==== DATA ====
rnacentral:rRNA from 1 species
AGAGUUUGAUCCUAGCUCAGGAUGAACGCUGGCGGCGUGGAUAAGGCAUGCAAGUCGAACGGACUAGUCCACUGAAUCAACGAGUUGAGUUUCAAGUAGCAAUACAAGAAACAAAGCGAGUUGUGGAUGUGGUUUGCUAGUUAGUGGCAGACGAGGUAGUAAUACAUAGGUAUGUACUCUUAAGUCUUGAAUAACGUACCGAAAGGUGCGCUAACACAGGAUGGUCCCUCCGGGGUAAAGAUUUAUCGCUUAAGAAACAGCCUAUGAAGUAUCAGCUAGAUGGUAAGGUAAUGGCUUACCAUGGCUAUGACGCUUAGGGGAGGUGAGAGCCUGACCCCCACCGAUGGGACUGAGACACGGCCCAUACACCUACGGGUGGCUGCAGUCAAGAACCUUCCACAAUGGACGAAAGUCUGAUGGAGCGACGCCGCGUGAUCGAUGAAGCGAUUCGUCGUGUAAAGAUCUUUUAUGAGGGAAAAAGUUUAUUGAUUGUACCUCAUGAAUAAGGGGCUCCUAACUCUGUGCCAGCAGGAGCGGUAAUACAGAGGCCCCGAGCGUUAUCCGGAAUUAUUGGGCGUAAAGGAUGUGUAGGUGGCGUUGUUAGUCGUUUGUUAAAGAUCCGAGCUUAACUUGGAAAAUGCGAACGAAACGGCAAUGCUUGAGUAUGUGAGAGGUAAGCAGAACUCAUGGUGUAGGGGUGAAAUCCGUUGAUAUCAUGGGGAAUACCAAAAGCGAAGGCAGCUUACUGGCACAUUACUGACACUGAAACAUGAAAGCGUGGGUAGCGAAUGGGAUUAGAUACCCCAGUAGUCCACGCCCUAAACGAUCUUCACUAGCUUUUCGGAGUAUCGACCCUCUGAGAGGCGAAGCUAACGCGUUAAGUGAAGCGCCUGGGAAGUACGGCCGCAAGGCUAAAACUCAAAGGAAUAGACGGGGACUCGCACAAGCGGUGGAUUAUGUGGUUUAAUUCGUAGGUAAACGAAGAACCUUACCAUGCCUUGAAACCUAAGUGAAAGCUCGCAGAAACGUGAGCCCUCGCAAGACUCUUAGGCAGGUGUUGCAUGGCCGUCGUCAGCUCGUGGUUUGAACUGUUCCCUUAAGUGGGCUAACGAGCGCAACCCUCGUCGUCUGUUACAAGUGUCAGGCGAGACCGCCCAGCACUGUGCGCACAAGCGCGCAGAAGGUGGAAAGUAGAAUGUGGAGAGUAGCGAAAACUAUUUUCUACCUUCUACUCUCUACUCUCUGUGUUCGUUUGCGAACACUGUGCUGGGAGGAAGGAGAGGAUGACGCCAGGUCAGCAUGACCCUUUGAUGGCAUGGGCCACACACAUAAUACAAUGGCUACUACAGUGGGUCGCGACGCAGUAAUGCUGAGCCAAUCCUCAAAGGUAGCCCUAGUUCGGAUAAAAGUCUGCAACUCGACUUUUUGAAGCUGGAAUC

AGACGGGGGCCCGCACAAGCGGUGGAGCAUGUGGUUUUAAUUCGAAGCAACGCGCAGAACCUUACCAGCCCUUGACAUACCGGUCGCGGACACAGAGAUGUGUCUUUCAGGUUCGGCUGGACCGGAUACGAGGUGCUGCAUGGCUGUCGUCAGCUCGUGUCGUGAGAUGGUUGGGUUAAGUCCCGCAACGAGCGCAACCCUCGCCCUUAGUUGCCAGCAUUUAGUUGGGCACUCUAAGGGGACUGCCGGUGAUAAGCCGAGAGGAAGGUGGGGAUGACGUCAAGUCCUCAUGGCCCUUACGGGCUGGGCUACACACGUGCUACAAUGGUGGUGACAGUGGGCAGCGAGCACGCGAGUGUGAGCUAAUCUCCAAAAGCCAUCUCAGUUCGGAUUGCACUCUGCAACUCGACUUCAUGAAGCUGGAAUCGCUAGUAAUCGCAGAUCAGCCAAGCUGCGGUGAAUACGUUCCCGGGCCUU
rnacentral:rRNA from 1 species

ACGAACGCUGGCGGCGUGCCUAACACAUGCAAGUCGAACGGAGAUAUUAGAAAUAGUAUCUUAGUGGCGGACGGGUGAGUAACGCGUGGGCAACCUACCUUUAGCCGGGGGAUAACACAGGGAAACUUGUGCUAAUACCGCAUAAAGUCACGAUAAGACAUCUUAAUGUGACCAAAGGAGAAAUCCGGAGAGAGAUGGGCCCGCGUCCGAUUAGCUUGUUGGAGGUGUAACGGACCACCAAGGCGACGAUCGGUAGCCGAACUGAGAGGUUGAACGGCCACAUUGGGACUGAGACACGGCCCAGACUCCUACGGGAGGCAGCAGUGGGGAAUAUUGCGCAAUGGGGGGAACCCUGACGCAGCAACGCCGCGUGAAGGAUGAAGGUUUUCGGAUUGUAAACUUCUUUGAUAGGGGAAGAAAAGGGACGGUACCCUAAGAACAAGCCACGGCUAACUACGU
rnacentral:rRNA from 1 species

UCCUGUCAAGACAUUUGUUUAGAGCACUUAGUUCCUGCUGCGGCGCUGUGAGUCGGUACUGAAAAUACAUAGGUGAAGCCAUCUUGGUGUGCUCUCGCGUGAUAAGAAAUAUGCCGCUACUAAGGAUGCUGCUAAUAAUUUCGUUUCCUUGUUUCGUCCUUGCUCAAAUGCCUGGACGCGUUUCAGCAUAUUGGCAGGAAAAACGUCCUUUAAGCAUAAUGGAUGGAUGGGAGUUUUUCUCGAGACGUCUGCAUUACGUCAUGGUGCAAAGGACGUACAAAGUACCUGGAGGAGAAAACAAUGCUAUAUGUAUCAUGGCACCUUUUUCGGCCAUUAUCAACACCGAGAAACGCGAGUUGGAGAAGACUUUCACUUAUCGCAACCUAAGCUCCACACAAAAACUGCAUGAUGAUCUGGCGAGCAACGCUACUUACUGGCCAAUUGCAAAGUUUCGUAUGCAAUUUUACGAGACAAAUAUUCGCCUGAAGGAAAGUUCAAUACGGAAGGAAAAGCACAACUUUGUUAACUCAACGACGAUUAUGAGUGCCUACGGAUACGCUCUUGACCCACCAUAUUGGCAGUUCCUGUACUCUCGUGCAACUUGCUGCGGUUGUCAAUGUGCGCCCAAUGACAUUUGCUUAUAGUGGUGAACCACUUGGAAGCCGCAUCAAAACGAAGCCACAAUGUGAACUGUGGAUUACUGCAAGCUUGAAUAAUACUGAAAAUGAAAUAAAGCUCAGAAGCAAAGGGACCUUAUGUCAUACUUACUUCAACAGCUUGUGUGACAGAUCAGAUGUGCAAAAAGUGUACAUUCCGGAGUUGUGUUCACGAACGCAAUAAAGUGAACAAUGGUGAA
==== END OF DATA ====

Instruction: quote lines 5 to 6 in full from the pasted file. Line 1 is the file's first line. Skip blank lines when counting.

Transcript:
ACGAACGCUGGCGGCGUGCCUAACACAUGCAAGUCGAACGGAGAUAUUAGAAAUAGUAUCUUAGUGGCGGACGGGUGAGUAACGCGUGGGCAACCUACCUUUAGCCGGGGGAUAACACAGGGAAACUUGUGCUAAUACCGCAUAAAGUCACGAUAAGACAUCUUAAUGUGACCAAAGGAGAAAUCCGGAGAGAGAUGGGCCCGCGUCCGAUUAGCUUGUUGGAGGUGUAACGGACCACCAAGGCGACGAUCGGUAGCCGAACUGAGAGGUUGAACGGCCACAUUGGGACUGAGACACGGCCCAGACUCCUACGGGAGGCAGCAGUGGGGAAUAUUGCGCAAUGGGGGGAACCCUGACGCAGCAACGCCGCGUGAAGGAUGAAGGUUUUCGGAUUGUAAACUUCUUUGAUAGGGGAAGAAAAGGGACGGUACCCUAAGAACAAGCCACGGCUAACUACGU
rnacentral:rRNA from 1 species